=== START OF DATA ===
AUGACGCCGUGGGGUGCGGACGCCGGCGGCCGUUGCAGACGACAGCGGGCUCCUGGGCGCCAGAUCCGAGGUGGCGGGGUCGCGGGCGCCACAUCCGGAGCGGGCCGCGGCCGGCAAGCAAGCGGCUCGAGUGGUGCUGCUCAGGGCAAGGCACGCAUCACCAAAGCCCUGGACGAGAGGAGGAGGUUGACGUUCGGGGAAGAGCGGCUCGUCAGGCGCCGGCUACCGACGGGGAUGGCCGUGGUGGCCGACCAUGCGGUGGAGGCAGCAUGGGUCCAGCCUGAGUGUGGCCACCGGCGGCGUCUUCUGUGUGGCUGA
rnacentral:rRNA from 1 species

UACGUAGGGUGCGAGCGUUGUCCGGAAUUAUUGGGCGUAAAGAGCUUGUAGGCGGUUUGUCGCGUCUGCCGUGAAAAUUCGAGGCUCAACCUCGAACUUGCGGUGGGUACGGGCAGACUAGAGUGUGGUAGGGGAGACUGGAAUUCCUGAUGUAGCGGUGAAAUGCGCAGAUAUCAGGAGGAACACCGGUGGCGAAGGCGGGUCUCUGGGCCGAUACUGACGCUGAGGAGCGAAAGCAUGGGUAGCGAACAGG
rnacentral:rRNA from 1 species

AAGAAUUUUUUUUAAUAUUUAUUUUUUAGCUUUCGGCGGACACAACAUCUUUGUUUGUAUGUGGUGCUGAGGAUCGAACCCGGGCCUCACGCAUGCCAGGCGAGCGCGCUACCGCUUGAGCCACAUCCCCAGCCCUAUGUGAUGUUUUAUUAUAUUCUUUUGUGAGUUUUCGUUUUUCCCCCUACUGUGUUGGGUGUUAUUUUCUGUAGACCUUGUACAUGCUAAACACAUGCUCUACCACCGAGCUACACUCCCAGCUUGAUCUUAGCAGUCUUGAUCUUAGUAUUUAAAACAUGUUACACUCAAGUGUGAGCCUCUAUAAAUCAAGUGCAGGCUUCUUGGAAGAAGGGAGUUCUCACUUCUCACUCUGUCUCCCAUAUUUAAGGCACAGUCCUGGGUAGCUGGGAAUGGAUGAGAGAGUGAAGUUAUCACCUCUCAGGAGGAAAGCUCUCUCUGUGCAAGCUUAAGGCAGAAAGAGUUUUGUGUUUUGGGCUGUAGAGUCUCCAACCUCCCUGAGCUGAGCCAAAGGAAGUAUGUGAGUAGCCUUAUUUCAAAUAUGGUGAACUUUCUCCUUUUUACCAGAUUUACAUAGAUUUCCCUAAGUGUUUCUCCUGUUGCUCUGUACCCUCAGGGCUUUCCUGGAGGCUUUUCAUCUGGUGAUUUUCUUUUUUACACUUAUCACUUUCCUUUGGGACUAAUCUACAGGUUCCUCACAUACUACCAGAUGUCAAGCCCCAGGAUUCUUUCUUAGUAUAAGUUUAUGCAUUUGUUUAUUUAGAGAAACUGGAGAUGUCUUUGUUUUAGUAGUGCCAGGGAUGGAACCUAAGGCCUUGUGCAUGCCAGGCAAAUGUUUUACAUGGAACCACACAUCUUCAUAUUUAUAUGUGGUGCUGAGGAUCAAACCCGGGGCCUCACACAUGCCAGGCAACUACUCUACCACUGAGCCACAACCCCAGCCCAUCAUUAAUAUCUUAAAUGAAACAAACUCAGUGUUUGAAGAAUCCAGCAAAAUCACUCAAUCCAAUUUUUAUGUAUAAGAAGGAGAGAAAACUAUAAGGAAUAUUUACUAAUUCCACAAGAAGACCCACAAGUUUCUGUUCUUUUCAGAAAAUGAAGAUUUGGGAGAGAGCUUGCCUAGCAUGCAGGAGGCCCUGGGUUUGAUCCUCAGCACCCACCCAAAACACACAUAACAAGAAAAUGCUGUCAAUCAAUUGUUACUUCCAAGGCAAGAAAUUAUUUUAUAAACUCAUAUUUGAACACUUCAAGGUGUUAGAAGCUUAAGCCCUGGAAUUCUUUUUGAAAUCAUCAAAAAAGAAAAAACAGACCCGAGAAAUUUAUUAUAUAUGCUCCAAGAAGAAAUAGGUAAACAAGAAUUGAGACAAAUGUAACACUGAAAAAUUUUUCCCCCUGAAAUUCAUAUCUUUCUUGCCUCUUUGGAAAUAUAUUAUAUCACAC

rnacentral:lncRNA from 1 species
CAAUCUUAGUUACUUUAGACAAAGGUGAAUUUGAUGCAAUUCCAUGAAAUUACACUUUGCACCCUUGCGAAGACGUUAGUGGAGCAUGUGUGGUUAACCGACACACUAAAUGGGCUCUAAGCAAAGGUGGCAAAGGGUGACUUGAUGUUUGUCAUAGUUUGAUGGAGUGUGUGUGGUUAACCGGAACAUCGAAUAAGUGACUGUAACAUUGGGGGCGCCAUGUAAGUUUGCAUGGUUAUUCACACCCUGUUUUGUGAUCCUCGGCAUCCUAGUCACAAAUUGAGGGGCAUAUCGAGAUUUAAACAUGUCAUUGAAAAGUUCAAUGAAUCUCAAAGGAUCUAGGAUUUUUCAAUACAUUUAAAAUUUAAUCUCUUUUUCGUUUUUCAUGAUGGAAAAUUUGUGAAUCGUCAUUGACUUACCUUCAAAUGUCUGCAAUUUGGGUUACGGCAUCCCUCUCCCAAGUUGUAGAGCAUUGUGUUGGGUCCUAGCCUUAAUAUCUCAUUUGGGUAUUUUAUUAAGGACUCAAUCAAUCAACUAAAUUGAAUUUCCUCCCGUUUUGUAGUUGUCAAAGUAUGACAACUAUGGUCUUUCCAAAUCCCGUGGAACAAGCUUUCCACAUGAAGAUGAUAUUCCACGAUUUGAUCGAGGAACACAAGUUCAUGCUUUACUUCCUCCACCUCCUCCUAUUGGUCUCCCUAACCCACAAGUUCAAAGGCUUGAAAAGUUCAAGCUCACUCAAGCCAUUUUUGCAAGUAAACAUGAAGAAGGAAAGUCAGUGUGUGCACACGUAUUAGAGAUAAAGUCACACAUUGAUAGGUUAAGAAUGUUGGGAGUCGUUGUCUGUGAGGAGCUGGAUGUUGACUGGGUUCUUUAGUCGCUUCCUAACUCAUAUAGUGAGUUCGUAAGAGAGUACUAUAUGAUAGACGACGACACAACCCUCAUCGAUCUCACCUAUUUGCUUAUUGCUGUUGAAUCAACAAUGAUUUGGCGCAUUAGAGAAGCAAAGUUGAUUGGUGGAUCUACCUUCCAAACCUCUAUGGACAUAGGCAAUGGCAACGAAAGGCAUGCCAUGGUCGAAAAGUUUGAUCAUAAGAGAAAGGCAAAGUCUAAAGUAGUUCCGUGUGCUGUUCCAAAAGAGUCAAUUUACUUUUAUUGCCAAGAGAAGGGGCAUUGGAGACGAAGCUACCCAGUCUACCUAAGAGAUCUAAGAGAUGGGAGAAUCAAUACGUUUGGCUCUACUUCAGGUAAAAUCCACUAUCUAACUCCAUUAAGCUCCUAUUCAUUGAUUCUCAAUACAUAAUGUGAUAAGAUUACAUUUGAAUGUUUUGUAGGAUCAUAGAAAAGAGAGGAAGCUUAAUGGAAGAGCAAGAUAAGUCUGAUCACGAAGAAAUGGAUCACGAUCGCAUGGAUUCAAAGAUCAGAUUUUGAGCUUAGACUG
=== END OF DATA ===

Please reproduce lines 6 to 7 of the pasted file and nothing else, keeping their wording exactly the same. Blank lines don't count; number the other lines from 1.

rnacentral:lncRNA from 1 species
CAAUCUUAGUUACUUUAGACAAAGGUGAAUUUGAUGCAAUUCCAUGAAAUUACACUUUGCACCCUUGCGAAGACGUUAGUGGAGCAUGUGUGGUUAACCGACACACUAAAUGGGCUCUAAGCAAAGGUGGCAAAGGGUGACUUGAUGUUUGUCAUAGUUUGAUGGAGUGUGUGUGGUUAACCGGAACAUCGAAUAAGUGACUGUAACAUUGGGGGCGCCAUGUAAGUUUGCAUGGUUAUUCACACCCUGUUUUGUGAUCCUCGGCAUCCUAGUCACAAAUUGAGGGGCAUAUCGAGAUUUAAACAUGUCAUUGAAAAGUUCAAUGAAUCUCAAAGGAUCUAGGAUUUUUCAAUACAUUUAAAAUUUAAUCUCUUUUUCGUUUUUCAUGAUGGAAAAUUUGUGAAUCGUCAUUGACUUACCUUCAAAUGUCUGCAAUUUGGGUUACGGCAUCCCUCUCCCAAGUUGUAGAGCAUUGUGUUGGGUCCUAGCCUUAAUAUCUCAUUUGGGUAUUUUAUUAAGGACUCAAUCAAUCAACUAAAUUGAAUUUCCUCCCGUUUUGUAGUUGUCAAAGUAUGACAACUAUGGUCUUUCCAAAUCCCGUGGAACAAGCUUUCCACAUGAAGAUGAUAUUCCACGAUUUGAUCGAGGAACACAAGUUCAUGCUUUACUUCCUCCACCUCCUCCUAUUGGUCUCCCUAACCCACAAGUUCAAAGGCUUGAAAAGUUCAAGCUCACUCAAGCCAUUUUUGCAAGUAAACAUGAAGAAGGAAAGUCAGUGUGUGCACACGUAUUAGAGAUAAAGUCACACAUUGAUAGGUUAAGAAUGUUGGGAGUCGUUGUCUGUGAGGAGCUGGAUGUUGACUGGGUUCUUUAGUCGCUUCCUAACUCAUAUAGUGAGUUCGUAAGAGAGUACUAUAUGAUAGACGACGACACAACCCUCAUCGAUCUCACCUAUUUGCUUAUUGCUGUUGAAUCAACAAUGAUUUGGCGCAUUAGAGAAGCAAAGUUGAUUGGUGGAUCUACCUUCCAAACCUCUAUGGACAUAGGCAAUGGCAACGAAAGGCAUGCCAUGGUCGAAAAGUUUGAUCAUAAGAGAAAGGCAAAGUCUAAAGUAGUUCCGUGUGCUGUUCCAAAAGAGUCAAUUUACUUUUAUUGCCAAGAGAAGGGGCAUUGGAGACGAAGCUACCCAGUCUACCUAAGAGAUCUAAGAGAUGGGAGAAUCAAUACGUUUGGCUCUACUUCAGGUAAAAUCCACUAUCUAACUCCAUUAAGCUCCUAUUCAUUGAUUCUCAAUACAUAAUGUGAUAAGAUUACAUUUGAAUGUUUUGUAGGAUCAUAGAAAAGAGAGGAAGCUUAAUGGAAGAGCAAGAUAAGUCUGAUCACGAAGAAAUGGAUCACGAUCGCAUGGAUUCAAAGAUCAGAUUUUGAGCUUAGACUG